John Manuel: I’d actually contend that this K/9 isn’t great; it’s fine, but it’s not great. Most of the guys in the top 100 are a 9k/9, I’d guess, and he’s not. But Suarez does have a steady, long track record, also with some shoulder issues (labrum surgery). I’m happy for him to be staying healthy and having success in pro ball, good dude who has a chance to be the best Dade County pitcher since Gio Gonzalez.

GPro (Philippines): Hello JJ. I'm always wondering about this. Christian Arroyo is scorching hot in Sacramento and got a cup of coffee in the Majors but he got hurt. No disrespect to Chris Shaw but why is Arroyo omitted in the top 100 and why is he ranked below Shaw? Thanks a lot!


John Manuel: John Barr will laugh at this if he sees it; the Giants’ scouting director just mentioned Arroyo to me the other day at USA Baseball complex. He always has believed in Arroyo, and we’ve always been light on him. Our reports on Arroyo always have been similar–good player, good feel for the barrel, modest power if not fringy, and he’s probably not a SS, which puts more pressure on the bat. We may be wrong — John thinks so! — but we see him more as steady than having a chance to be spectacular. That’s why he’s not on the 100. We’re trying to follow the lead of most of the clubs who seem to be prioritizing power, at every position, and that hurts guys like Arroyo.

Jason (Corolla, NC): Hello there. How close did Ryan Mountcastle come to making the cut? Is it lack of position/not projecting to be a SS that worked against him? Cedric Mullins get any consideration? Thanks!


John Manuel: Yes, lack of position is what got Mountcastle, though his name was brought up. I think he’s going to wind up in left field; his lack of arm strength is a problem. It would seem to be an issue that he could work to improve, but the reports we have are that his arm strength hasn’t gotten better. Mullins didn’t get top 100 consideration, but he does have tools, some pop and speed, to be a big leaguer. Not sure I see him as a regular but the guy does have enough pop to be one. Not sure he has the feel for hitting and plate discipline to bring it out consistently against big league pitching.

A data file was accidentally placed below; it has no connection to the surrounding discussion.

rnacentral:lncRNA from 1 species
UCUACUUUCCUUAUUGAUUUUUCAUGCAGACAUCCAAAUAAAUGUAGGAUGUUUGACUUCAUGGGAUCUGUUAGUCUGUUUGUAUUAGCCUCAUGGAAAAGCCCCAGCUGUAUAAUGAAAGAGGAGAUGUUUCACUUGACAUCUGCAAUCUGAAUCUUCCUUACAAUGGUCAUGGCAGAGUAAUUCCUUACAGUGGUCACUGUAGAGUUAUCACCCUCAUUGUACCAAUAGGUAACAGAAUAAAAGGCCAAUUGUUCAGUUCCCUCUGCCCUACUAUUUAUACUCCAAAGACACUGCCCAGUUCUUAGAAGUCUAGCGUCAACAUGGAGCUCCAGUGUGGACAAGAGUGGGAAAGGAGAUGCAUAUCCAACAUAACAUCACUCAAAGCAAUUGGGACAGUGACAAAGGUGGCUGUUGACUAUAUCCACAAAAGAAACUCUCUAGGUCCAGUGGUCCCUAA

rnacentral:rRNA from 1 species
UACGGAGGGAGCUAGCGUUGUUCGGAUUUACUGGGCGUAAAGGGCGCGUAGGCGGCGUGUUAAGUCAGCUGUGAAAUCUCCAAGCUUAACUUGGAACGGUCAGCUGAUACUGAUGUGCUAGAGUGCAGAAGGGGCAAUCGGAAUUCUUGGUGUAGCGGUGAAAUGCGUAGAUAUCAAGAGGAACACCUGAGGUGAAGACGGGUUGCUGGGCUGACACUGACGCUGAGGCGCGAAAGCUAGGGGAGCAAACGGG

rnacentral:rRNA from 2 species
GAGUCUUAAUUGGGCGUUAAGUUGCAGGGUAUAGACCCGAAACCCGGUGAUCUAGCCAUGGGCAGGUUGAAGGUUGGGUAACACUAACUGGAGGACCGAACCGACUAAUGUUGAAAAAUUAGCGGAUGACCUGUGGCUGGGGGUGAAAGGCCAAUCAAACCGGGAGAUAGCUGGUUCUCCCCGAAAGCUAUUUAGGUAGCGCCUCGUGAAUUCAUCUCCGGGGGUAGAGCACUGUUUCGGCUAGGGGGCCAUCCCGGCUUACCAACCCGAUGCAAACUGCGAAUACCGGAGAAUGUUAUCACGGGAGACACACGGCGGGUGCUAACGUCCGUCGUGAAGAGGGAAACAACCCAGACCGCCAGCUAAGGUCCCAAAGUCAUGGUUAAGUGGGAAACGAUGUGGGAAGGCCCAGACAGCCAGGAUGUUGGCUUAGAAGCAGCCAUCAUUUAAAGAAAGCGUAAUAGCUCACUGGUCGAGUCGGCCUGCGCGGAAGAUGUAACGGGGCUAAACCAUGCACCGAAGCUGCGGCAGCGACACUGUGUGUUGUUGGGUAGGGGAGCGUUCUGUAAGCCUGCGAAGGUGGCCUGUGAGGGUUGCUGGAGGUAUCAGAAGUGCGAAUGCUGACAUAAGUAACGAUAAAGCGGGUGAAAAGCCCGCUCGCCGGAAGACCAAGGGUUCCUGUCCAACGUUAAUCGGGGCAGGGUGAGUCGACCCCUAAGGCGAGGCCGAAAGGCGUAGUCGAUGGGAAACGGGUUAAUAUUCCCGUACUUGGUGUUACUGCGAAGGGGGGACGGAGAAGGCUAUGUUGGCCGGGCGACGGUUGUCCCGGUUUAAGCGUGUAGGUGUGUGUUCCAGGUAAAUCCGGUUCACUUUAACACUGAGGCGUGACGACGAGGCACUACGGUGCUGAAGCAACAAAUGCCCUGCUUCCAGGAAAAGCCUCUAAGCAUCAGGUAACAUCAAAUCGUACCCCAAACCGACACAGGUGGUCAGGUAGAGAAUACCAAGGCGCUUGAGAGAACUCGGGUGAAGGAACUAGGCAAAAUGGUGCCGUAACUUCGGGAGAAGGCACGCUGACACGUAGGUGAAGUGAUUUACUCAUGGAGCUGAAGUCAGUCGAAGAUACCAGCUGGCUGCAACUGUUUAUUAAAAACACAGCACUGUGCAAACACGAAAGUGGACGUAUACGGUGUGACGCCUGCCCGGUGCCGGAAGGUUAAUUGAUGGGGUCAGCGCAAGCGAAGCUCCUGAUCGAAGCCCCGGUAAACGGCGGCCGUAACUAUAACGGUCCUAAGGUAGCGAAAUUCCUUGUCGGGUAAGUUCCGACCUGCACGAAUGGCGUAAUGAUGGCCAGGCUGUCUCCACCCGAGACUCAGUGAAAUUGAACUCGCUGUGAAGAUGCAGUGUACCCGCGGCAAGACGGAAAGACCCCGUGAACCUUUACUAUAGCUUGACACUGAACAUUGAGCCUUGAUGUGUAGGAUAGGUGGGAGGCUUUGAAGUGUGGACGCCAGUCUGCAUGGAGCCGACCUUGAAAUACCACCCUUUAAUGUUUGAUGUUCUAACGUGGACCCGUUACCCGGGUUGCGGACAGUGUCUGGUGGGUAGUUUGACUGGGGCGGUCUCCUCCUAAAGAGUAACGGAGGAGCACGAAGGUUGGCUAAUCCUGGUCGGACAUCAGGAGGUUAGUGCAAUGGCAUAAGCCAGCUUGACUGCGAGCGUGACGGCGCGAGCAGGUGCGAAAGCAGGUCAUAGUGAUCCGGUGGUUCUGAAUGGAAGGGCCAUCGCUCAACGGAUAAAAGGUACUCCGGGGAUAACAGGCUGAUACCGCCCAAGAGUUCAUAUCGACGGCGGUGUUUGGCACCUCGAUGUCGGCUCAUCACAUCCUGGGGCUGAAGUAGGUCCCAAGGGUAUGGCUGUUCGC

JP (Canada): Jason Groome understandably went backwards in the rankings and I'm sure his health dictated that. He's put together a few good outings now, can you see him surpassing his previous rank of 41 by seasons end?


John Manuel: His health did dictate most of it; a lat muscle strain that basically kept him off the field, maybe we over-reacted to it because he did come back with two strong scoreless outings. He’s very young, potentially sturdy body, big stuff. … I could see him rocket back up with a healthy second half. The midseason update gets a little reactionary out of necessity; we’re trying to hit a moving target. That’s not the case at the end of the season, and we also have more information at that time. Best info we had was that not only did he get hit hard early, he just didn’t have the same stuff he’d shown as an amateur.

Rob (boston): Moncada is a pretty clear cut number 1-how many prospects were in consideration for the #2 spot?


John Manuel: I wouldn’t put it that way. We discussed Vlad Jr. for No. 1. Did you see his hands yesterday at the Futures Game? There’s no question in my mind that he is a purer hitter than Moncada; the thought is, Moncada hits well, has power and impacts the game with his speed and defense as well as the bat. Vlad is the better hitter though, I’m not out on a limb there. Not a ton of separation, for me, in our top eight guys.